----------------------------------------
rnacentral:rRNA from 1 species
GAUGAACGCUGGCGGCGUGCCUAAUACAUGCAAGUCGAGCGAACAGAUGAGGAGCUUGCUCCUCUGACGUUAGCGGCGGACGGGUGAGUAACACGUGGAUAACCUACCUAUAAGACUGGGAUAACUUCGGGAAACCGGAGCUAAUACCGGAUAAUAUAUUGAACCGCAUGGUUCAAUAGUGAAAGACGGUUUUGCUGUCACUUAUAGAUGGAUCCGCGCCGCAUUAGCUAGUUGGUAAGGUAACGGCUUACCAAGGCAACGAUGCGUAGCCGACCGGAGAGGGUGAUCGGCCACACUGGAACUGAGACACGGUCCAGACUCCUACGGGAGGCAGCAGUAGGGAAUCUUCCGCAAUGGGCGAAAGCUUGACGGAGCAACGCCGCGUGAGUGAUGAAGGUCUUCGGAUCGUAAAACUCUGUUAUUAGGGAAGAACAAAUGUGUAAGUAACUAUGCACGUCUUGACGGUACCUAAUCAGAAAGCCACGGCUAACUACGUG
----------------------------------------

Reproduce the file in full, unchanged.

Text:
rnacentral:rRNA from 1 species
GAUGAACGCUGGCGGCGUGCCUAAUACAUGCAAGUCGAGCGAACAGAUGAGGAGCUUGCUCCUCUGACGUUAGCGGCGGACGGGUGAGUAACACGUGGAUAACCUACCUAUAAGACUGGGAUAACUUCGGGAAACCGGAGCUAAUACCGGAUAAUAUAUUGAACCGCAUGGUUCAAUAGUGAAAGACGGUUUUGCUGUCACUUAUAGAUGGAUCCGCGCCGCAUUAGCUAGUUGGUAAGGUAACGGCUUACCAAGGCAACGAUGCGUAGCCGACCGGAGAGGGUGAUCGGCCACACUGGAACUGAGACACGGUCCAGACUCCUACGGGAGGCAGCAGUAGGGAAUCUUCCGCAAUGGGCGAAAGCUUGACGGAGCAACGCCGCGUGAGUGAUGAAGGUCUUCGGAUCGUAAAACUCUGUUAUUAGGGAAGAACAAAUGUGUAAGUAACUAUGCACGUCUUGACGGUACCUAAUCAGAAAGCCACGGCUAACUACGUG